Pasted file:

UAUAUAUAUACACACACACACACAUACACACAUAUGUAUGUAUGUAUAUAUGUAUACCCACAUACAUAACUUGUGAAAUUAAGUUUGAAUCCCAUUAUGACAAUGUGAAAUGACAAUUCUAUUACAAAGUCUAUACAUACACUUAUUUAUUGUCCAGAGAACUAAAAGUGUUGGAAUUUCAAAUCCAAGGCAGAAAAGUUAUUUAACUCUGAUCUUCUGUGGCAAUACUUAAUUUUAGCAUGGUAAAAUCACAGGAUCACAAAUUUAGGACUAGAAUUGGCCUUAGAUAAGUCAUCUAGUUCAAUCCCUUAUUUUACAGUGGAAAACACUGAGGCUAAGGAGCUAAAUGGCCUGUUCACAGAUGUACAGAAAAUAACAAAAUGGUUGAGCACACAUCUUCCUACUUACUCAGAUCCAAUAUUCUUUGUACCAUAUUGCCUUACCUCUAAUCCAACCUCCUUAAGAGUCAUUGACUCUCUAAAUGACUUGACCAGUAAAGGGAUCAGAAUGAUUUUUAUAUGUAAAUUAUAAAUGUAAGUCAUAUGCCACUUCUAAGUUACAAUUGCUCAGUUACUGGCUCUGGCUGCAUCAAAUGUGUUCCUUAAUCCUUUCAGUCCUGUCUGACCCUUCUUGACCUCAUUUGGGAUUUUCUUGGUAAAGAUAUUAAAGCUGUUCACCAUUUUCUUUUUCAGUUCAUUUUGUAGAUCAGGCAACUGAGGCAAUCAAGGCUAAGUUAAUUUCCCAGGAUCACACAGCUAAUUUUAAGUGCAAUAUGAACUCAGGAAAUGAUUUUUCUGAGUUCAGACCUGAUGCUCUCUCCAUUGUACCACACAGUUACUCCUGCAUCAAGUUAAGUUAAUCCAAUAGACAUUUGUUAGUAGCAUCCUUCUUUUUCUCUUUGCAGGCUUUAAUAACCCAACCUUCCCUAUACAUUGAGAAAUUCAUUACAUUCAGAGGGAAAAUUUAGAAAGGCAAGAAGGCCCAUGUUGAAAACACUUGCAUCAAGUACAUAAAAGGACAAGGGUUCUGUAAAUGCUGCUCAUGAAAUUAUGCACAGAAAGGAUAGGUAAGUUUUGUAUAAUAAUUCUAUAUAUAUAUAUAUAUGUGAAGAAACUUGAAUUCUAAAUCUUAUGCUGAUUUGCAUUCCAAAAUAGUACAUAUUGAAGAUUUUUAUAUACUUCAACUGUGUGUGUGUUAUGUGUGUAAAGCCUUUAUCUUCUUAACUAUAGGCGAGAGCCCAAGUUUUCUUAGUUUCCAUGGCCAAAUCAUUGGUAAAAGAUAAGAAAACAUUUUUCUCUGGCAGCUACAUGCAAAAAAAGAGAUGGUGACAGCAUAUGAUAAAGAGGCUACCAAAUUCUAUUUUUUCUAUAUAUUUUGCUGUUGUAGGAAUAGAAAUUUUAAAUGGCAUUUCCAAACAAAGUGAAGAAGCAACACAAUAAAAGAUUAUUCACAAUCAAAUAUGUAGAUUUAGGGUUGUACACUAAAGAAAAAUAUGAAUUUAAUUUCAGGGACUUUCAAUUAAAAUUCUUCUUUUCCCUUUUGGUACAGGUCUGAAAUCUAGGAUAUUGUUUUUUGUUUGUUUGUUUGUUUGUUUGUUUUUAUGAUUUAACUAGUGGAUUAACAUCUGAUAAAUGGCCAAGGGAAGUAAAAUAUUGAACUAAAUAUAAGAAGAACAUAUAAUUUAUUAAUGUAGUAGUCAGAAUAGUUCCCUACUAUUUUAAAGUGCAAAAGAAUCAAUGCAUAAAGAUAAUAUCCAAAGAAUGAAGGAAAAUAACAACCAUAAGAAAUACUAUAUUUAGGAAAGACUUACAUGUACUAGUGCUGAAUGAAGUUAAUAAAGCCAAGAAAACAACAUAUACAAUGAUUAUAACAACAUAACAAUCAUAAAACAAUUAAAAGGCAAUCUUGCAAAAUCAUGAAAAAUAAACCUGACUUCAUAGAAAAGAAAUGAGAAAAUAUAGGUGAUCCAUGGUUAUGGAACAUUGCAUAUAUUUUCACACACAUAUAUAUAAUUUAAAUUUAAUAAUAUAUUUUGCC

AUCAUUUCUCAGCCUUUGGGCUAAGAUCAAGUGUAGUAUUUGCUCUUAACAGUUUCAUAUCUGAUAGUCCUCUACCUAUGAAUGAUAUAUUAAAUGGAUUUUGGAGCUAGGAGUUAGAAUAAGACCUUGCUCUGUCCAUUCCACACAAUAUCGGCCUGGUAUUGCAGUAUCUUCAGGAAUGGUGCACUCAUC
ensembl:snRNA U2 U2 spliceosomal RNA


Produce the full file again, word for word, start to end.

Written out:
UAUAUAUAUACACACACACACACAUACACACAUAUGUAUGUAUGUAUAUAUGUAUACCCACAUACAUAACUUGUGAAAUUAAGUUUGAAUCCCAUUAUGACAAUGUGAAAUGACAAUUCUAUUACAAAGUCUAUACAUACACUUAUUUAUUGUCCAGAGAACUAAAAGUGUUGGAAUUUCAAAUCCAAGGCAGAAAAGUUAUUUAACUCUGAUCUUCUGUGGCAAUACUUAAUUUUAGCAUGGUAAAAUCACAGGAUCACAAAUUUAGGACUAGAAUUGGCCUUAGAUAAGUCAUCUAGUUCAAUCCCUUAUUUUACAGUGGAAAACACUGAGGCUAAGGAGCUAAAUGGCCUGUUCACAGAUGUACAGAAAAUAACAAAAUGGUUGAGCACACAUCUUCCUACUUACUCAGAUCCAAUAUUCUUUGUACCAUAUUGCCUUACCUCUAAUCCAACCUCCUUAAGAGUCAUUGACUCUCUAAAUGACUUGACCAGUAAAGGGAUCAGAAUGAUUUUUAUAUGUAAAUUAUAAAUGUAAGUCAUAUGCCACUUCUAAGUUACAAUUGCUCAGUUACUGGCUCUGGCUGCAUCAAAUGUGUUCCUUAAUCCUUUCAGUCCUGUCUGACCCUUCUUGACCUCAUUUGGGAUUUUCUUGGUAAAGAUAUUAAAGCUGUUCACCAUUUUCUUUUUCAGUUCAUUUUGUAGAUCAGGCAACUGAGGCAAUCAAGGCUAAGUUAAUUUCCCAGGAUCACACAGCUAAUUUUAAGUGCAAUAUGAACUCAGGAAAUGAUUUUUCUGAGUUCAGACCUGAUGCUCUCUCCAUUGUACCACACAGUUACUCCUGCAUCAAGUUAAGUUAAUCCAAUAGACAUUUGUUAGUAGCAUCCUUCUUUUUCUCUUUGCAGGCUUUAAUAACCCAACCUUCCCUAUACAUUGAGAAAUUCAUUACAUUCAGAGGGAAAAUUUAGAAAGGCAAGAAGGCCCAUGUUGAAAACACUUGCAUCAAGUACAUAAAAGGACAAGGGUUCUGUAAAUGCUGCUCAUGAAAUUAUGCACAGAAAGGAUAGGUAAGUUUUGUAUAAUAAUUCUAUAUAUAUAUAUAUAUGUGAAGAAACUUGAAUUCUAAAUCUUAUGCUGAUUUGCAUUCCAAAAUAGUACAUAUUGAAGAUUUUUAUAUACUUCAACUGUGUGUGUGUUAUGUGUGUAAAGCCUUUAUCUUCUUAACUAUAGGCGAGAGCCCAAGUUUUCUUAGUUUCCAUGGCCAAAUCAUUGGUAAAAGAUAAGAAAACAUUUUUCUCUGGCAGCUACAUGCAAAAAAAGAGAUGGUGACAGCAUAUGAUAAAGAGGCUACCAAAUUCUAUUUUUUCUAUAUAUUUUGCUGUUGUAGGAAUAGAAAUUUUAAAUGGCAUUUCCAAACAAAGUGAAGAAGCAACACAAUAAAAGAUUAUUCACAAUCAAAUAUGUAGAUUUAGGGUUGUACACUAAAGAAAAAUAUGAAUUUAAUUUCAGGGACUUUCAAUUAAAAUUCUUCUUUUCCCUUUUGGUACAGGUCUGAAAUCUAGGAUAUUGUUUUUUGUUUGUUUGUUUGUUUGUUUGUUUUUAUGAUUUAACUAGUGGAUUAACAUCUGAUAAAUGGCCAAGGGAAGUAAAAUAUUGAACUAAAUAUAAGAAGAACAUAUAAUUUAUUAAUGUAGUAGUCAGAAUAGUUCCCUACUAUUUUAAAGUGCAAAAGAAUCAAUGCAUAAAGAUAAUAUCCAAAGAAUGAAGGAAAAUAACAACCAUAAGAAAUACUAUAUUUAGGAAAGACUUACAUGUACUAGUGCUGAAUGAAGUUAAUAAAGCCAAGAAAACAACAUAUACAAUGAUUAUAACAACAUAACAAUCAUAAAACAAUUAAAAGGCAAUCUUGCAAAAUCAUGAAAAAUAAACCUGACUUCAUAGAAAAGAAAUGAGAAAAUAUAGGUGAUCCAUGGUUAUGGAACAUUGCAUAUAUUUUCACACACAUAUAUAUAAUUUAAAUUUAAUAAUAUAUUUUGCC

AUCAUUUCUCAGCCUUUGGGCUAAGAUCAAGUGUAGUAUUUGCUCUUAACAGUUUCAUAUCUGAUAGUCCUCUACCUAUGAAUGAUAUAUUAAAUGGAUUUUGGAGCUAGGAGUUAGAAUAAGACCUUGCUCUGUCCAUUCCACACAAUAUCGGCCUGGUAUUGCAGUAUCUUCAGGAAUGGUGCACUCAUC
ensembl:snRNA U2 U2 spliceosomal RNA